What we witnessed is extremely rare... I have in fact never heard of a similar occurrence. In front of the vehicles, which were spaced over about 80 meters in the bush, a huge dominant leopard male was patrolling from one side to the other - interrupting the awed silence from time to time with a surprisingly loud and intimidating growl, delivered in a bark-like fashion. In the tree line beyond the parading leopard, chased up and cornered in different trees, were four frightened leopard... Five leopards in one sighting! I had to check if I wasn't dreaming. You may not be aware of this, but apart from leopard being very difficult to track, they are not pack animals at all. In fact, leopards are the consummate loners. They only meet up to mate and females look after their young, normally one or two cubs, only until they're ready to face life on their own (which happens within a short time).

Seeing so many leopard in one go could be called absurd, but we were too busy drooling to ponder on such thoughts. As the dominant leopard would reach the one end of its patrol path the leopard furthest from it would carefully escape from it's tree and tip toe in a direction directly opposite to the offending beast. However, it would not go unnoticed for long. If lucky it made it to the next tree, going up to a safe corner like a rocket - with the muscle house in hot pursuit. It was incredible to see the dominant leopard launch itself three to four meters into the air as it jumped up a tree trunk in pursuit of the escapee. As it reached the incredible height and touched the tree trunk, it allowed gravity to pull it back to earth, forming a majestic arc. The moment it hit the ground it would immediately head back in the direction it came from, less the other leopard may believe they've been let off.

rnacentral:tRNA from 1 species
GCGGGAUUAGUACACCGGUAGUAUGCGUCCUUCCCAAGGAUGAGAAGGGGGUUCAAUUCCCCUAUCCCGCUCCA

I have no idea how long the show lasted, but I would not have minded if it lasted all day. Eventually all of the cornered leopard managed to get out of danger's way. We followed one as it slowly followed a small stream to wherever it was heading. It was a female that has recently raised two cubs. Our game ranger's theory for the extraordinary occurrence was as follows.